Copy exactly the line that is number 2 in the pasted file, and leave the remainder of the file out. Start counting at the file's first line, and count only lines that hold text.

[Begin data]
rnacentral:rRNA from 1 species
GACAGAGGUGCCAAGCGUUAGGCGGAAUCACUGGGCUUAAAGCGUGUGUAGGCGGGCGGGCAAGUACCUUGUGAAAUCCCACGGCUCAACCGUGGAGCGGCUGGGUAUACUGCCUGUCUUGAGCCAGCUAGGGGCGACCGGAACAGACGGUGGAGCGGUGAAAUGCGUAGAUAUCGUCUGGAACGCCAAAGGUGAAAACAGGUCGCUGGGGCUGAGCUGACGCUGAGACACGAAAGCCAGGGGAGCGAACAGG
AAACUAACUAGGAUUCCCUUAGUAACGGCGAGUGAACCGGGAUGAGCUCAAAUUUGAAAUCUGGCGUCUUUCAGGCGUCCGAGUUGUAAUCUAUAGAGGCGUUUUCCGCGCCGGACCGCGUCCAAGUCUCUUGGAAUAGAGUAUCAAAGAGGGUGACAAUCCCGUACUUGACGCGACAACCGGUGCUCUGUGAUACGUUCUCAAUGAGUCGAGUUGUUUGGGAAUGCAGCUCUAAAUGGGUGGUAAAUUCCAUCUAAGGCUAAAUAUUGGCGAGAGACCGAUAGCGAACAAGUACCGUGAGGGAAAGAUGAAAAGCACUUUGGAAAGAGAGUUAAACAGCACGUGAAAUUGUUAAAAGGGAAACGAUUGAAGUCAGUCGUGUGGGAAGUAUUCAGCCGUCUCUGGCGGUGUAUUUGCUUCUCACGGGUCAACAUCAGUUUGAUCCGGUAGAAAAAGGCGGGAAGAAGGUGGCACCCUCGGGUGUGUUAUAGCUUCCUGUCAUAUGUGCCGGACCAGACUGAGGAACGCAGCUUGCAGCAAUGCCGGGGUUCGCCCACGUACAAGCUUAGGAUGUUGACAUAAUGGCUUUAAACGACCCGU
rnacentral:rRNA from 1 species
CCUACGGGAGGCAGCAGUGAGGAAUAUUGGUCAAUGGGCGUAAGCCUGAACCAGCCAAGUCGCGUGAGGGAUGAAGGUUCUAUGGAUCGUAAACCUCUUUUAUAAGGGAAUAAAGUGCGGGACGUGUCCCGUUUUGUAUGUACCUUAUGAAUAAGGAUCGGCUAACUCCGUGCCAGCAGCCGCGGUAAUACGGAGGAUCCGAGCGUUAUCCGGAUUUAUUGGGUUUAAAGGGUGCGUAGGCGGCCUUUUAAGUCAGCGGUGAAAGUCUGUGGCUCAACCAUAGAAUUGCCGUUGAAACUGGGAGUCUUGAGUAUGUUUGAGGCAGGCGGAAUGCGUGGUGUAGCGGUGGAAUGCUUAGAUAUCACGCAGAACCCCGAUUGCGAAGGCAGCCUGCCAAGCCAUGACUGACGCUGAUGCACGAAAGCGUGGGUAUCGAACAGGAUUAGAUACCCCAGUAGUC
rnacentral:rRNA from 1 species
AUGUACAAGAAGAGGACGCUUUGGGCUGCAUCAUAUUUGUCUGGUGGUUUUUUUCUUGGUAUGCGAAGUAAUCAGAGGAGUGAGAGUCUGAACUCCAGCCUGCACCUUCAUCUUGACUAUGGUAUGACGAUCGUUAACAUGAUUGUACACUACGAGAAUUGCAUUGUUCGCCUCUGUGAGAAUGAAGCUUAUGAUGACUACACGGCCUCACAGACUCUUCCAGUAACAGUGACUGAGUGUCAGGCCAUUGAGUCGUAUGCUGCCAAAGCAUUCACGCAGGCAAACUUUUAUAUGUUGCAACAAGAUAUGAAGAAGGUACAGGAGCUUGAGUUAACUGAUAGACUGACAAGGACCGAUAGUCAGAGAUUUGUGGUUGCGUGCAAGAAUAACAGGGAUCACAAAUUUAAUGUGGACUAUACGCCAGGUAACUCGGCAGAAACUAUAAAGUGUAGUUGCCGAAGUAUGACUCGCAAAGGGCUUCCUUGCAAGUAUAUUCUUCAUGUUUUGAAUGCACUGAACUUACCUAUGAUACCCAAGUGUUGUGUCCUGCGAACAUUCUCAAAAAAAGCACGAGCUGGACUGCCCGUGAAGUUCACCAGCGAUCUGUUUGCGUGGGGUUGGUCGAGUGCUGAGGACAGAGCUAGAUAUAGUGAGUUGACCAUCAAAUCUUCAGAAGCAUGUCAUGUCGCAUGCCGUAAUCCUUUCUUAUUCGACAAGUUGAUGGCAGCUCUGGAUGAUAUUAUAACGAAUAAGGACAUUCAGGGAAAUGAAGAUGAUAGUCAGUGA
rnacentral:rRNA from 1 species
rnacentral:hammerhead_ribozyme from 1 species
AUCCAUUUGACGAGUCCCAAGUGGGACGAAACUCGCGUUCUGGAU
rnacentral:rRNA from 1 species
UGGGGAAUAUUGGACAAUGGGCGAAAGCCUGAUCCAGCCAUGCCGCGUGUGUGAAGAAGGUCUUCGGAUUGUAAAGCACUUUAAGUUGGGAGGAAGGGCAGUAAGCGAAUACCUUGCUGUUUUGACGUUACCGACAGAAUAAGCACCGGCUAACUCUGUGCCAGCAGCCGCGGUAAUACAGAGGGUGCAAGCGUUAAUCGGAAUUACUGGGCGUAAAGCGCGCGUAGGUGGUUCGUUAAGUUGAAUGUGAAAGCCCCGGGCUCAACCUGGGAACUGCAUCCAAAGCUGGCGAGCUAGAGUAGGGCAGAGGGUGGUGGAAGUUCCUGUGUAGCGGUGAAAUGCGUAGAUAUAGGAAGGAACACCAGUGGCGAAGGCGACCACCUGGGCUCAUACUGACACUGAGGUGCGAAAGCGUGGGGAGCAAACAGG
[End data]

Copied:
GACAGAGGUGCCAAGCGUUAGGCGGAAUCACUGGGCUUAAAGCGUGUGUAGGCGGGCGGGCAAGUACCUUGUGAAAUCCCACGGCUCAACCGUGGAGCGGCUGGGUAUACUGCCUGUCUUGAGCCAGCUAGGGGCGACCGGAACAGACGGUGGAGCGGUGAAAUGCGUAGAUAUCGUCUGGAACGCCAAAGGUGAAAACAGGUCGCUGGGGCUGAGCUGACGCUGAGACACGAAAGCCAGGGGAGCGAACAGG